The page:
Democrats Avoid Lockouts in Key California Races
Democrats are breathing a sigh of relief after California's “jungle” primary Tuesday, as their candidates made the ballot in competitive races that will help determine the balance of power in the next Congress.
Faced with the complex problem of too many candidates and an open primary system that allows the top two candidates to advance, regardless of party, Democrats feared they could be shut out of contests that are critical to their calculus of winning the House of Representatives in the midterm elections.
But with most of the results in, Democratic candidates have lived to fight another day.
The focus of concern centered on a handful of Republican-held districts in Southern California that Hillary Clinton carried in 2016. Since Clinton was the first Democrat in 80 years to win Orange County, the party saw the area as fertile ground for pickups. Dozens of candidates signed up to run, prompting the national party to make a mad and expensive dash to help ensure Democratic contenders didn’t splinter the vote and put two Republicans on the November ballot. The effort cost the Democratic Congressional Campaign Committee and outside groups millions of dollars and weeks’ worth of headaches as the contests turned divisive and confusing for voters.
The most competitive race in terms of making the ballot came in California's 48th Congressional District, where GOP Rep. Dana Rohrabacher is seeking a 16th term. But with all precincts reporting, Democrats eked out a second-place finish.
Businessman Harley Rouda (pictured), who was endorsed by the DCCC, topped a fellow Democrat, scientist Hans Keirstead, by just 73 votes. Republican challenger Scott Baugh was fourth. Clinton won the district by just one percentage point in 2016, while Rohrabacher overwhelmingly won re-election. But Democrats see the incumbent as vulnerable, given his 30-year tenure and penchant for controversy, including a much-scrutinized embrace of Russia.
In California's 39th District, where GOP Rep. Ed Royce is retiring, millionaire philanthropist and DCCC-endorsed candidate Gil Cisneros will face off against Republican former state Assemblywoman Young Kim, who finished first. The race had grown so heated that the California Democratic Party chairman had to broker a truce between Cisneros and fellow Democrat Andy Thorburn, a health insurance executive. Thorburn finished in fourth place behind Republican Phil Liberatore.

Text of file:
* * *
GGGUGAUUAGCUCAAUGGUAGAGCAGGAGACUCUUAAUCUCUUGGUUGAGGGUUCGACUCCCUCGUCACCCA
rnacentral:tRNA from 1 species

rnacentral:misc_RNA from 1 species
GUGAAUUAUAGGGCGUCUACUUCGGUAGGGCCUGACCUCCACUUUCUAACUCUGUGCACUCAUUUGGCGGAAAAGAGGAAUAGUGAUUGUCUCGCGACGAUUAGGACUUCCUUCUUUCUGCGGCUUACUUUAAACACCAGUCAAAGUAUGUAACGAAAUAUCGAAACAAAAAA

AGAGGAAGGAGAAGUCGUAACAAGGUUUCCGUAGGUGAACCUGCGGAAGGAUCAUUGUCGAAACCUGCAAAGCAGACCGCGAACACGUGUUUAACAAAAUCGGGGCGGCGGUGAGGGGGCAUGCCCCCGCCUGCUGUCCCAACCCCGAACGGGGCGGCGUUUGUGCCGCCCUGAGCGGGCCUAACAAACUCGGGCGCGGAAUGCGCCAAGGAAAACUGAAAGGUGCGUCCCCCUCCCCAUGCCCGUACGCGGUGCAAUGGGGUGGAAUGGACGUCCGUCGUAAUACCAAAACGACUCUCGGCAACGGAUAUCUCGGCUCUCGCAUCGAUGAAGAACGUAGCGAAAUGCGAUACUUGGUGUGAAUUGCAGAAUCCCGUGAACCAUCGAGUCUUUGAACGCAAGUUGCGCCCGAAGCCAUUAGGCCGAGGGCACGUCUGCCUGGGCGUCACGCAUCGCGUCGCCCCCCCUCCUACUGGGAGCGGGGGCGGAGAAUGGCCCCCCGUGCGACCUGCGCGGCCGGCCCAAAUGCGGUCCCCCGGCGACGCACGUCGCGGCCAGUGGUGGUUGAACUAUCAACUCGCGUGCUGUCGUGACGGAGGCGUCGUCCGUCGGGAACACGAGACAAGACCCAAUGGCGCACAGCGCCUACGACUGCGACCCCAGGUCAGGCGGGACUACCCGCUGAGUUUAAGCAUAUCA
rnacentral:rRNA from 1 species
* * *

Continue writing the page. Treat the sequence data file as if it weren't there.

And in California's 49th District, where Rep. Darrell Issa is retiring, Republican Board of Equalization member Diane Harkey leads the field with nearly 80 percent of the vote counted. Attorney Mike Levin appears to have edged out fellow Democrat and former Clinton adviser Sara Jacobs for the number two spot. Marine veteran Doug Applegate, who lost to Issa in 2016 by less than one percentage point, is in fourth place.
Meanwhile, with most of the vote counted, Democratic Lt. Gov. Gavin Newsom leads the race to replace term-limited Jerry Brown and will face off against Republican John Cox, who has been endorsed by President Trump. Former Los Angeles Mayor Antonio Villaraigosa finished a distant third. While Democrats are expected to win the race in November, the primary results help them avoid what could have been a costly intra-party battle between Newsom and Villaraigosa. Republicans, on the other hand, argue that a competitive gubernatorial race could help drive voter turnout needed in down-ballot contests.
And Sen. Dianne Feinstein overwhelmingly finished first ahead of former state Senate leader Kevin De Leon, also a Democrat, in her quest for a fifth term.
Democrats were celebrating in New Jersey, where DCCC-backed candidates won primaries in a handful of competitive districts that could also affect the balance of power in the House due to Republican retirements and swing districts. In the 7th Congressional District, former Obama administration official Tom Malinowski won the Democratic primary and will take on Rep. Leonard Lance, who is considered among the most vulnerable Republican lawmakers up for re-election this year.
In the 11th District, where longtime Republican Rep. Rodney Frelinghuysen is retiring, Democrats nominated Navy veteran and prosecutor Mikie Sherrill to take on state Assemblyman Jay Webber. And in the 2nd District, where Republican Rep. Frank LoBiondo is also retiring, conservative Democrat Jeff Van Drew won the primary and will run against Republican state Sen. Seth Grossman.
Other highlights from Tuesday’s results include:
--In the Montana Senate race, state auditor (and the national GOP's top pick) Matt Rosendale won a four-way primary. He will challenge Democratic Sen. Jon Tester in November. Trump won the state overwhelmingly, but Montana voters are accustomed to splitting tickets, as evidenced by Democratic Gov. Steve Bullock's re-election in 2016. Still, Tester has vulnerabilities, and Trump has already been campaigning against him.
--In Alabama's 2nd Congressional District, Republican Rep. Martha Roby was forced into a July runoff against former Rep. Bobby Bright, a Democrat turned Republican. The race is notable because Roby had drawn criticism from constituents over withdrawing support for Donald Trump after the “Access Hollywood” video in the 2016 campaign. The runoff winner will take on Democrat Tabitha Isner, an ordained Disciples of Christ minister.